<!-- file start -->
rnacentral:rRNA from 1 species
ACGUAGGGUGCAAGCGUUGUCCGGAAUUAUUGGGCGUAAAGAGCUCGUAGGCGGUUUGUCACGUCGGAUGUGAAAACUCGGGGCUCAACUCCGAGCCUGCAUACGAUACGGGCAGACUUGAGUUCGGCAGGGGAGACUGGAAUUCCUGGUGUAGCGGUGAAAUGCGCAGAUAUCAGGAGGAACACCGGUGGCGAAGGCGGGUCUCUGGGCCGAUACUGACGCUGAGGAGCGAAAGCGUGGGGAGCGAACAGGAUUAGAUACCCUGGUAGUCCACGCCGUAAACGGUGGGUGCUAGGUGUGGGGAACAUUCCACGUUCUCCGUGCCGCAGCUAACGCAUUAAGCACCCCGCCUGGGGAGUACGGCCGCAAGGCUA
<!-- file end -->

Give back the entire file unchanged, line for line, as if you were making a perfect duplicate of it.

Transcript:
rnacentral:rRNA from 1 species
ACGUAGGGUGCAAGCGUUGUCCGGAAUUAUUGGGCGUAAAGAGCUCGUAGGCGGUUUGUCACGUCGGAUGUGAAAACUCGGGGCUCAACUCCGAGCCUGCAUACGAUACGGGCAGACUUGAGUUCGGCAGGGGAGACUGGAAUUCCUGGUGUAGCGGUGAAAUGCGCAGAUAUCAGGAGGAACACCGGUGGCGAAGGCGGGUCUCUGGGCCGAUACUGACGCUGAGGAGCGAAAGCGUGGGGAGCGAACAGGAUUAGAUACCCUGGUAGUCCACGCCGUAAACGGUGGGUGCUAGGUGUGGGGAACAUUCCACGUUCUCCGUGCCGCAGCUAACGCAUUAAGCACCCCGCCUGGGGAGUACGGCCGCAAGGCUA